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Highly efficient electrocaloric cooling with electrostatic actuation

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Science  15 Sep 2017:
Vol. 357, Issue 6356, pp. 1130-1134
DOI: 10.1126/science.aan5980

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A solid way to keep cool

Refrigeration relies on vapor compression that is noisy, takes up space, and is mechanically complex. Solid-state cooling requires changing an external field to drive cooling, but devices produced so far have not been efficient enough for practical applications. Ma et al. constructed a lightweight and flexible device using a thin electrocaloric polymer film, where toggling it in an electric field between a heat source and sink drives the cooling process (see the Perspective by Zhang and Zhang). The device rapidly cools down an overheated smartphone battery and has potential application for developing compact, low-profile electronics.

Science, this issue p. 1130; see also p. 1094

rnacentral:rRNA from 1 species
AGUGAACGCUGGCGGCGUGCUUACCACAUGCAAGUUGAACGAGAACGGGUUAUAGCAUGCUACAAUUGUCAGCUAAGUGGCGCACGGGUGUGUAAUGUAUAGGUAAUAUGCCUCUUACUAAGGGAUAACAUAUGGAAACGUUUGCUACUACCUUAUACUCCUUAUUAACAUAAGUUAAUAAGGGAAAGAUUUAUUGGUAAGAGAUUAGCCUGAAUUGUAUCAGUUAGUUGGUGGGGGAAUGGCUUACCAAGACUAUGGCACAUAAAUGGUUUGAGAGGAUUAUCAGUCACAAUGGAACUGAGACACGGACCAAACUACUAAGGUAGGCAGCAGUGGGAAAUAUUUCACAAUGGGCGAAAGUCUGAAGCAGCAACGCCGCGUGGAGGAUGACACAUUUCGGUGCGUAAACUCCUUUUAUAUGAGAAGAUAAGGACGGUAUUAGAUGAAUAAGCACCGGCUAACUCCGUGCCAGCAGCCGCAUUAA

Abstract

Solid-state refrigeration offers potential advantages over traditional cooling systems, but few devices offer high specific cooling power with a high coefficient of performance (COP) and the ability to be applied directly to surfaces. We developed a cooling device with a high intrinsic thermodynamic efficiency using a flexible electrocaloric (EC) polymer film and an electrostatic actuation mechanism. Reversible electrostatic forces reduce parasitic power consumption and allow efficient heat transfer through good thermal contacts with the heat source or heat sink. The EC device produced a specific cooling power of 2.8 watts per gram and a COP of 13. The new cooling device is more efficient and compact than existing surface-conformable solid-state cooling technologies, opening a path to using the technology for a variety of practical applications.

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